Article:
For Whom The Bell Tolls
In 1752, two hundred and sixty years ago, the first “Liberty Bell” arrived in Philadelphia. The Pennsylvania Assembly ordered the bell in 1751 to commemorate the 50th Anniversary of its Constitution. It was to be placed in the State House steeple (later called Independence Hall).
It was first hung to test the sound in March of 1753. People were horrified to learn that it had been cracked by the clapper, due to flaws in the casting. This, however, is NOT the famous crack that everyone knows about.
Pass and Snow, Philadelphia foundry workers, were given the job of melting the bell down and recasting it. They added significant amounts of copper to make the new bell less brittle. The new bell was hung again later in 1753. Almost nobody liked the tone of the new bell. Pass and Snow tried again, melting it down and recasting it. In November of the same year, it was hung a third time and people were still displeased with the sound. A new bell was ordered from the original foundry in England. When it arrived, it sounded no better than the Pass and Snow bell.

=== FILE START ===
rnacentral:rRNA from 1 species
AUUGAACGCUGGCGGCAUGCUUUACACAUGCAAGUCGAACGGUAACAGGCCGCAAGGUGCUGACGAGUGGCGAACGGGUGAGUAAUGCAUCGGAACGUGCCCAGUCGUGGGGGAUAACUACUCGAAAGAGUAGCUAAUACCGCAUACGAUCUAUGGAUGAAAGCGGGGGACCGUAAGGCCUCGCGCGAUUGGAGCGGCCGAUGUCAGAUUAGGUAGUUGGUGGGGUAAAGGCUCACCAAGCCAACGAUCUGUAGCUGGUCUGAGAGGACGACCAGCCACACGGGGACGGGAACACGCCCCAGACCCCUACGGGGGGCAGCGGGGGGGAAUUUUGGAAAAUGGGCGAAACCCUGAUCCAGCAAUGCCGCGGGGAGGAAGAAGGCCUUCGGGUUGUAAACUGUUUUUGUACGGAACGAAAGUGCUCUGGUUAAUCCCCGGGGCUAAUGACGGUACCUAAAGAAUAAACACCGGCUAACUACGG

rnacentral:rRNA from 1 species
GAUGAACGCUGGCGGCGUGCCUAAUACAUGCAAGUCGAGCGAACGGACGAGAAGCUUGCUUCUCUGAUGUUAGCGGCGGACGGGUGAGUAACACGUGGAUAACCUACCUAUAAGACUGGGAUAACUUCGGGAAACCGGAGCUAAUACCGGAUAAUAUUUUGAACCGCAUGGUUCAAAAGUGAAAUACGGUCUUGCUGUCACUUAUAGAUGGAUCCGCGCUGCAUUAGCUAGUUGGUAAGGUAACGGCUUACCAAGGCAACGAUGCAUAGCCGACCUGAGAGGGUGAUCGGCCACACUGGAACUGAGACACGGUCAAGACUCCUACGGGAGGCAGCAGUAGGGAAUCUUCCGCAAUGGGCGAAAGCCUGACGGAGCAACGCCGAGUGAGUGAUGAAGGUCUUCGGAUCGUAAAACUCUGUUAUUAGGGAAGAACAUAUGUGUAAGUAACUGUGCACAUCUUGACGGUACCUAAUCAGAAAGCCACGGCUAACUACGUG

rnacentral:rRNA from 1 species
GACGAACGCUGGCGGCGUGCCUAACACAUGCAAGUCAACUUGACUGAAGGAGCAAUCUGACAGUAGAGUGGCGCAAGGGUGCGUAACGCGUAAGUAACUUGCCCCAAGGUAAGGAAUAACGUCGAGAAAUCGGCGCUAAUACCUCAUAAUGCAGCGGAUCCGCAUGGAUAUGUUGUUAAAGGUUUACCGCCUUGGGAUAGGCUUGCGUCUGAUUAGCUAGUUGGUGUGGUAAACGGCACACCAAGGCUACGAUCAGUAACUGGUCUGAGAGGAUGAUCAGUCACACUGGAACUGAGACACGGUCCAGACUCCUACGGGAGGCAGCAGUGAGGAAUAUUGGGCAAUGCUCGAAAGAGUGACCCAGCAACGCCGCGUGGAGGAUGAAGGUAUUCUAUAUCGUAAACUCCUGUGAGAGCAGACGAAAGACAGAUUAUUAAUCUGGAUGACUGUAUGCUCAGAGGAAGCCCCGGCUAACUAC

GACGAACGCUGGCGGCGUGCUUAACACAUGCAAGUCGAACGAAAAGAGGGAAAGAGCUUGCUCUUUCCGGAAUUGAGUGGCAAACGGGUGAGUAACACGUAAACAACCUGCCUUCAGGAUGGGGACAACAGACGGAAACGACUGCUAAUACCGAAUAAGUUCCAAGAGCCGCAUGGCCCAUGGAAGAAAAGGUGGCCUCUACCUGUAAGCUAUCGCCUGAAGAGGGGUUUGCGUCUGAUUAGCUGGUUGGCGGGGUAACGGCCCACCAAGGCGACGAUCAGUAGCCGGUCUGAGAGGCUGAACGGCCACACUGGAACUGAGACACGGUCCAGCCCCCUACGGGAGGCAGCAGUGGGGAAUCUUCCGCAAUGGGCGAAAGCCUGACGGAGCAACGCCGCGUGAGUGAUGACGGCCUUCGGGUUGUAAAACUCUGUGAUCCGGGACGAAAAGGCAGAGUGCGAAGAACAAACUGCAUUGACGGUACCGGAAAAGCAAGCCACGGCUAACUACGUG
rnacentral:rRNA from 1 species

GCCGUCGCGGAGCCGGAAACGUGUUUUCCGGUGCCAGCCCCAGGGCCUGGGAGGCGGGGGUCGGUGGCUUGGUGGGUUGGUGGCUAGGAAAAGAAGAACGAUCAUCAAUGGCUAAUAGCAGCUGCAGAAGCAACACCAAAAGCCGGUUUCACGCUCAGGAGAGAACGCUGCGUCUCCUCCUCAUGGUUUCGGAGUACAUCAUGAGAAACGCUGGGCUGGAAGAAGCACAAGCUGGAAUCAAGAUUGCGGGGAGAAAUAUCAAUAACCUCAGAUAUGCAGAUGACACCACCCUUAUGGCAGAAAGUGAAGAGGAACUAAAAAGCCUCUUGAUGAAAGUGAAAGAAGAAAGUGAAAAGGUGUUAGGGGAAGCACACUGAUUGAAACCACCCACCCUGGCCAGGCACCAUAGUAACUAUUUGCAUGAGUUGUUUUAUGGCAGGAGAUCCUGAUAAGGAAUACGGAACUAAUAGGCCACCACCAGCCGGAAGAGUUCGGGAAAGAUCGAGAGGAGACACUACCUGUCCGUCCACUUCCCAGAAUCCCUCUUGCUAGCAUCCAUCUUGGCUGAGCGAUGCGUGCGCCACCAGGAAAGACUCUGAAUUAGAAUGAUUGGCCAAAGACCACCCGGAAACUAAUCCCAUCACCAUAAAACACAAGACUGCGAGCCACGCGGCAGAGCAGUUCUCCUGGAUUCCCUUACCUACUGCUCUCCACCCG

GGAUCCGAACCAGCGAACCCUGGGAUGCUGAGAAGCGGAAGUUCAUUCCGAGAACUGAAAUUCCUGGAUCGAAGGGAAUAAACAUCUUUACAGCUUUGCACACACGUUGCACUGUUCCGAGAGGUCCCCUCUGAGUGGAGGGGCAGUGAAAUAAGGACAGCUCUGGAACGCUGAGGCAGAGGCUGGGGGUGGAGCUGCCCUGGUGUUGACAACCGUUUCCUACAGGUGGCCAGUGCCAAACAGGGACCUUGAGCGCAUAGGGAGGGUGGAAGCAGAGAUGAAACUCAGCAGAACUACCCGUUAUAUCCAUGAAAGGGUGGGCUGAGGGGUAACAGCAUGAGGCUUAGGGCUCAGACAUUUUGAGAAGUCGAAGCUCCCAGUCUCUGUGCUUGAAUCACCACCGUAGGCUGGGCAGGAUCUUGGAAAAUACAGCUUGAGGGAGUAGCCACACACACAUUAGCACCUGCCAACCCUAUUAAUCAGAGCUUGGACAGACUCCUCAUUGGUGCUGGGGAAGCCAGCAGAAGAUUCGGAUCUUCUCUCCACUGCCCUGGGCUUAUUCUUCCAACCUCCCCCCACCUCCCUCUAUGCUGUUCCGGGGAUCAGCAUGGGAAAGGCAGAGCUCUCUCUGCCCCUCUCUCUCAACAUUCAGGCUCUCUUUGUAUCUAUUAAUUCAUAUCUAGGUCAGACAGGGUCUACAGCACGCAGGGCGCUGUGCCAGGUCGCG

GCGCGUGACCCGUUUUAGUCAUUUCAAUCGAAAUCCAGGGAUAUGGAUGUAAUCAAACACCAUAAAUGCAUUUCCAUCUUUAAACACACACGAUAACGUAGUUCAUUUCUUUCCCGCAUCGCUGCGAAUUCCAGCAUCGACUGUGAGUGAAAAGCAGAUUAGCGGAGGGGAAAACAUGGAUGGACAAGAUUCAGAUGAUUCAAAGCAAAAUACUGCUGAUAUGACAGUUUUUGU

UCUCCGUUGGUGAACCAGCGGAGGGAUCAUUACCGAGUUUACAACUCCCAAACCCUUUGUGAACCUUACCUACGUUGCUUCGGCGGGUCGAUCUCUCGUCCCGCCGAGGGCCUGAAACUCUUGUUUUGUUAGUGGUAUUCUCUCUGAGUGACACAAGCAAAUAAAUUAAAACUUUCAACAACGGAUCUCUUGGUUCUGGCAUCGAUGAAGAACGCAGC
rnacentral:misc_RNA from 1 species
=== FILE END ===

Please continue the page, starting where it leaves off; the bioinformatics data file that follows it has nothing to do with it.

This new replacement bell was still hung at the State House in a different location and was rung daily (being connected to the clock). The original Pass and Snow bell (not yet called the Liberty Bell) was rung on special occasions only such as the First Continental Congress meeting (1774) and after the Battles of Lexington and Concord (1775). The most famous legendary ringing of the Pass and Snow bell was thought to be on July 8, 1776, when the Declaration of Independence was first read to the public. Because of the poor condition of the steeple, historians doubt that this story is true.
The name “Liberty Bell” was first used in the late 1830’s; bestowed on it by Abolitionists who adopted the bell as a symbol for their cause. The Abolitionists believed the passage from the Bible cast on the bell demanded that all slaves and prisoners were to be freed.
The Women’s Suffrage Movement also used a replica of the Liberty Bell; its clapper chained to the side to represent their lack of a voice in America. The chain was removed and the bell rung in 1920 after the ratification of the 19th Amendment.